So, here are a couple things you could focus on if you felt like it:

1. Listen up, Church. (I’m about to get fired up here, so watch out!) Stop letting Joel and Victoria Osteen off the hook. Stop justifying their heresy. Stop nurturing the notion that they’re merely addled — like that sweet but dim-witted cousin everybody loves while being slightly embarassed about — and get it in your head that they are preaching a different Gospel. Go read Galatians 1:8. (Go ahead, I’ll wait…) The Osteens are inviting a curse on themselves. Stay far, far away from their “ministry” and, if you love your brothers and sisters in Christ, warn them about it too.

2. Open iTunes (or the legal online music acquisition apparatus of your choice) and download the following albums immediately: Shai Linne’s Storiez, Flame’s Our World Redeemed, and LeCrae’s Rebel. Then revel and rejoice in the work God is doing through these warriors of the faith and their bold Gospel preaching.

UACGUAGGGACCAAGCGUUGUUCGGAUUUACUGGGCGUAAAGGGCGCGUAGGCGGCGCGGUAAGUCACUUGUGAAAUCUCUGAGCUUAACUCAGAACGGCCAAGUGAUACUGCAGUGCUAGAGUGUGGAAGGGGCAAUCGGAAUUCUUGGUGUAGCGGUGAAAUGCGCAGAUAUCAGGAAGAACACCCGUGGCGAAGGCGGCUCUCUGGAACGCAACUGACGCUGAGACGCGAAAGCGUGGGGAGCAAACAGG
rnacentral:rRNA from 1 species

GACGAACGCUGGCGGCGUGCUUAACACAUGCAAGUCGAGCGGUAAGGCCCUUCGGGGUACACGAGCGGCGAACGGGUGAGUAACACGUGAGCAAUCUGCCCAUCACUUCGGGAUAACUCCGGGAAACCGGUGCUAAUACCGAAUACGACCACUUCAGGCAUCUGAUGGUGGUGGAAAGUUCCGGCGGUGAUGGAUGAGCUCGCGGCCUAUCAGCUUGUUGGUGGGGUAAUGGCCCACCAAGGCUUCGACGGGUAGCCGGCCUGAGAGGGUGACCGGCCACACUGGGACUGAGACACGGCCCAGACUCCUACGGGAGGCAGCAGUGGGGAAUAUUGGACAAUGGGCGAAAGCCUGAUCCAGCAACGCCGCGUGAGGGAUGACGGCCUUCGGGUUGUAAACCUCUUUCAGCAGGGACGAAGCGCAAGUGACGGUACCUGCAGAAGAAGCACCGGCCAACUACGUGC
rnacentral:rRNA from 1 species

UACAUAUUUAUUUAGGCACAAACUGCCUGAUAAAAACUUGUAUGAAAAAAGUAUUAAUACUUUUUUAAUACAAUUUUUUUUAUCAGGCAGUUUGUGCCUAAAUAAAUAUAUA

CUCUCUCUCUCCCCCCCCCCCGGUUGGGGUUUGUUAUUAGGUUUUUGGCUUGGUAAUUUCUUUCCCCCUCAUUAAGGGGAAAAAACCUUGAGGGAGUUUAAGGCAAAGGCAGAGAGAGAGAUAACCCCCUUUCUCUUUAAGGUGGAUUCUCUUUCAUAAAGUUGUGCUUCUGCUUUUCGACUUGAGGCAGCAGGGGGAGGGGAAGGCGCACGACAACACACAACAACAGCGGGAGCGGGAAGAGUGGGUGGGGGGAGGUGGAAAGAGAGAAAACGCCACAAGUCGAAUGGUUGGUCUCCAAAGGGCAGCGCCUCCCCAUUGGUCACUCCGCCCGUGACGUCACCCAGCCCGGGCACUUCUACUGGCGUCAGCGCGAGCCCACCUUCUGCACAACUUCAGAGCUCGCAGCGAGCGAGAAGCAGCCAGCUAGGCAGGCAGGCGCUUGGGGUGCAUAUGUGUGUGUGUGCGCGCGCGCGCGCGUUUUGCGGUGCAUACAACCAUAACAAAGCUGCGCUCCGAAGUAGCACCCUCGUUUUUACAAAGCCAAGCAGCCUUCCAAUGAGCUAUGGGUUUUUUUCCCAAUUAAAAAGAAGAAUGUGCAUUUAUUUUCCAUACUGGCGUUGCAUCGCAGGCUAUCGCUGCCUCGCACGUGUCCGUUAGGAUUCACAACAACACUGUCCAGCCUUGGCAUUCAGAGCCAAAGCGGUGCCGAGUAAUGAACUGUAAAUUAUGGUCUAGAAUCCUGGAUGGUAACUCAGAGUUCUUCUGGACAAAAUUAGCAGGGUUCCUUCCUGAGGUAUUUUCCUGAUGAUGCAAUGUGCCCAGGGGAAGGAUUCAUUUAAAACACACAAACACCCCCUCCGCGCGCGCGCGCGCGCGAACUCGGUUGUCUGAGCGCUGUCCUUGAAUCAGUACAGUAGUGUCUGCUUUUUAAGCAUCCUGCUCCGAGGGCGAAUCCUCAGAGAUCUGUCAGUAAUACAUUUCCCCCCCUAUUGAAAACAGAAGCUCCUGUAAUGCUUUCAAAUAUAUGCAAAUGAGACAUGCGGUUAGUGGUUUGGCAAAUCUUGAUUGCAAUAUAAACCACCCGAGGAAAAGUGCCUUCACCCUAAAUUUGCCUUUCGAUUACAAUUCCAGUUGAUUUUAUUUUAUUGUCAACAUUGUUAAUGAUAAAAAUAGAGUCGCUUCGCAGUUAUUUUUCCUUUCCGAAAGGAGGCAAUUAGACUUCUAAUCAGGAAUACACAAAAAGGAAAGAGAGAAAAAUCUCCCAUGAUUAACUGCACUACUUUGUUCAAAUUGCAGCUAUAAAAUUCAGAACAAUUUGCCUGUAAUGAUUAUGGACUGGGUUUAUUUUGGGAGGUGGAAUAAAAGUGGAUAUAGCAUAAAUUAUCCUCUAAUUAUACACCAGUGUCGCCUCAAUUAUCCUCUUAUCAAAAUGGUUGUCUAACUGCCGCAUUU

Take a minute to read this great excerpt, written by Sojourn’s worship pastor Mike Cosper, and then head over to Sojournmusic.com and read the rest, from a three-part installment on the climate of modern worship in churches.

This is the landscape others see from the outside looking in – musicians who almost barely know how to play their instruments, music without roots or traditions, songs without dynamics, services with rock star worship leaders wearing faux-hawks and designer jeans. They look great, they sound okay, but don’t ask them to change keys. Contrast this with the classical traditions of the church, where musicians spend 15-20 years, starting in early childhood, studying music, studying musical performance, working with choirs, orchestras, and various ensembles throughout their educations, and then often continuing through a seminary “church music” education.